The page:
Honduras 1993 Elections: Election Observation Mission Report
Since its independence in 1823, Honduras has undergone a process of intense political turmoil. It has suffered from more than 385 armed rebellions during its 171 years of independence. Between 1824 and 1982, Honduras had more than 13 constitutions. The last 30 years have been characterized by a bitter struggle between the armed and civilian forces attempting to hold on to power. In April 1980, a constituent assembly was popularly elected and drafted a new constitution which was ratified in 1982.
Until the 1982 Constitution, the Chief of the Armed Forces retained a significant position in the government and could legally ignore any decree or order given to the armed forces by the president. With the 1982 Constitution, a civil government was formed
which the armed forces were subordinated to the government. Although this change occurred more than ten years ago, the vestiges of military rule and power have not yet disappeared, and the armed forces still exert a considerable influence over the Honduran Population.
The 1982 Constitution established a strong executive branch, a unicameral legislative branch (Congreso Nacional), and a judicial branch with its judges appointed by the National Congress. The president is directly elected for a four-year term, while congressional seats are divided in proportion to the number of votes that each party receives. The President may not be reelected. Honduras is divided into 18 departamentos (departments) which in turn are made up of 291 municipios (municipalities). Municipal officials are also elected for four-year terms.
Since the implementation of the new Constitution in 1982, Honduras has held four general elections, including the 1993 election. Of the four elections held since 1982, the Partido Liberal has won three and the Partido Nacional has won one. In general, the elections have been considered free and fair, with the candidates generally accepting their defeat. In 1985, however, a constitutional crisis erupted prior to the election on November 24 of that year, due to the extreme factionalization of the Partido Nacional. The crisis was resolved when the political parties decided to introduce an open contest system within the parties themselves which would allow the various factions to present their own presidential candidate. The winner would be the candidate that had secured the most votes within the party.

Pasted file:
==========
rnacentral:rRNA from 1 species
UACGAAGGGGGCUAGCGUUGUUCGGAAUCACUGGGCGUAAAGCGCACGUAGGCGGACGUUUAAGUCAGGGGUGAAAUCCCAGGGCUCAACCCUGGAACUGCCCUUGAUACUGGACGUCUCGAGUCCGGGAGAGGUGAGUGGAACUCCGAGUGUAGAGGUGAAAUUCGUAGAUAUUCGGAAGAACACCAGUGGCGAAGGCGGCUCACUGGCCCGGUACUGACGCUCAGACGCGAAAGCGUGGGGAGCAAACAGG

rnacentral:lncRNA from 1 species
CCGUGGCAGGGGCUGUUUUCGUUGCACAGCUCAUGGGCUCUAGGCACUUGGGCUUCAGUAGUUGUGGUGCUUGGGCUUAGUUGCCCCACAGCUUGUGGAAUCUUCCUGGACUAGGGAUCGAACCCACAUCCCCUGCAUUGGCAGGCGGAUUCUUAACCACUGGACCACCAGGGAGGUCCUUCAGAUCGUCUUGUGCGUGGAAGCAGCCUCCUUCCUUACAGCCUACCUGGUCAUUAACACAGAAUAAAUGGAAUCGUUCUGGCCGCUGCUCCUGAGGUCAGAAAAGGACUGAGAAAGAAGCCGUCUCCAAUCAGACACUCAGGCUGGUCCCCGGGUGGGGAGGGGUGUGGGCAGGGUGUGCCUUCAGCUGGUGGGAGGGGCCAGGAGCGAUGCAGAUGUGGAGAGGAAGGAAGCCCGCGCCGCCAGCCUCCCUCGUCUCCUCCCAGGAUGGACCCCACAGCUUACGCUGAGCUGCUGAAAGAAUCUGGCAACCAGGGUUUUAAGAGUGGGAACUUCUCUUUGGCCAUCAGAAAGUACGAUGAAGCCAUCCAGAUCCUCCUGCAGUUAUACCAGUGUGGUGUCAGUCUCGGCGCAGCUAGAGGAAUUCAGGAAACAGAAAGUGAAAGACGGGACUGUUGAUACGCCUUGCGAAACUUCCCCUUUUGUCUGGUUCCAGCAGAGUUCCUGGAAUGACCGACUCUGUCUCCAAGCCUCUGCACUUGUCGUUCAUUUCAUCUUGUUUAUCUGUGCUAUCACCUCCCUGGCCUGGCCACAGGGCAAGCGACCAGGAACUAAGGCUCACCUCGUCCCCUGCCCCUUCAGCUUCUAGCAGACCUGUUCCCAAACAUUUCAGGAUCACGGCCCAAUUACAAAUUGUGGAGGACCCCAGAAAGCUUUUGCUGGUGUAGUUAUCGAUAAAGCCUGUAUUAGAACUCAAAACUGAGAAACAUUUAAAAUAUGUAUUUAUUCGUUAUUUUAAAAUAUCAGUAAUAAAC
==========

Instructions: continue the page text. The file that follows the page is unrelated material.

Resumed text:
Honduras is a highly politicized country, where many civil servants are highly tied to the political party in power. In addition, as mentioned above, there is a perception among the Honduran people that the armed forces remain immune to the civil government's power and that the Tribunal Nacional de Elecciones (TNE), in light of the armed forces' authority, plays an insignificant role in the electoral process. The armed forces in Honduras have been and continue to be a strong institution. The Electoral Law requires the armed forces to provide transportation and security of electoral materials and to provide polling place security on election day. The law specifically prohibits security personnel from being closer than 100 meters from a polling place unless specifically requested to assist by the polling place officials.